One hundred years ago this week, U.S. Secretary of State Philander C. Knox presided over an important step in the creation of the modern federal income tax.
By applying the Great Seal of the United States to the 16th Amendment to the Constitution, Knox certified that the requisite number of states had provided Congress with the “power to lay and collect taxes on incomes from whatever source derived, without apportionment among the several States and without regard to any census or enumeration.”
The drive to enshrine the income tax in the Constitution grew out of a protracted legal and political battle that should help illuminate the budget showdowns now roiling Washington.
Almost two decades before the amendment was ratified, the Supreme Court had struck down the 1894 law that instituted the first peacetime national income tax. In a decision that shocked most legal experts and social reformers, a slim majority of the court in Pollock v. Farmers’ Loan & Trust Co. ruled that taxing income violated the “direct tax clause.”
According to the Constitution, direct taxes needed to be apportioned among the states based on population -- meaning that a state’s population determined how much it owed in direct taxes. Reversing almost a century of legal precedent, the court ruled that because the 1894 tax wasn’t apportioned by population it was unconstitutional.
Many conservatives applauded the decision. For them, an income tax was the first step toward class warfare and “creeping socialism.” In his concurrence in Pollock, Justice Stephen J. Field expressed the anxieties of many elites at the time. “The present assault on capital is but the beginning,” he warned. “It will be but the stepping-stone to others, larger and more sweeping, till our political contests will become a war of the poor against the rich; a war constantly growing in intensity and bitterness.”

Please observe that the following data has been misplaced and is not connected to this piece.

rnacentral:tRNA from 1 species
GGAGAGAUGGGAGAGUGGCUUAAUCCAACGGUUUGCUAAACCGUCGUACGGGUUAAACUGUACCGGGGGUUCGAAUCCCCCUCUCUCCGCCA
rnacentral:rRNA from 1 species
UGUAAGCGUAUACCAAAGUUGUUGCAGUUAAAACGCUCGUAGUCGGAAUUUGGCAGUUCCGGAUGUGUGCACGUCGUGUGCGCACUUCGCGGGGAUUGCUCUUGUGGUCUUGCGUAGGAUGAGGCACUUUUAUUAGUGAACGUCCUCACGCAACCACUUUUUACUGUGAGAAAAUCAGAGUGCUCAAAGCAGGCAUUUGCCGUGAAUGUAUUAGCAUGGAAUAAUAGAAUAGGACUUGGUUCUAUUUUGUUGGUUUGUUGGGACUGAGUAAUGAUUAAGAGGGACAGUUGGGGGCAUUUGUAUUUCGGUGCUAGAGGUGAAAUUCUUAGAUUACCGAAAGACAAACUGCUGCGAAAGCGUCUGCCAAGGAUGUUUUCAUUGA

Field’s remarks came amid tremendous labor strife. And his allusions to a war between the rich and poor fueled fears that an income tax would hurl American society down the slippery slope of socialist revolution. Yet progressive reformers turned to an income tax not to radically redistribute wealth but to pay for a modern industrial state in a fair and effective manner.
Before the income tax, the two main sources of federal revenue were tariffs and excise taxes, both of which fell disproportionately on the backs of ordinary Americans, and neither of which could meet the growing demand for government revenue. Reformers embraced a progressive income tax because it solved both these problems.
To achieve their goals, progressives knew they had to debunk the claims of creeping socialism. The Columbia University political economist Edwin R.A. Seligman, a tax expert and a leading public intellectual, took on the accusations. “The cry of Socialism has always been the last refuge of those who wish to clog the wheels of social progress or to prevent the abolition of long-continued abuses,” he wrote. “The Factory Laws were in their time dubbed socialistic. Compulsory education and the public post office system were called socialistic. There is scarcely a single tax which has ever been introduced, which has not somewhere or other met with the same objection.” Yet despite the pervasiveness and frequency of these claims, Seligman said, “the argument nowhere carried any weight.”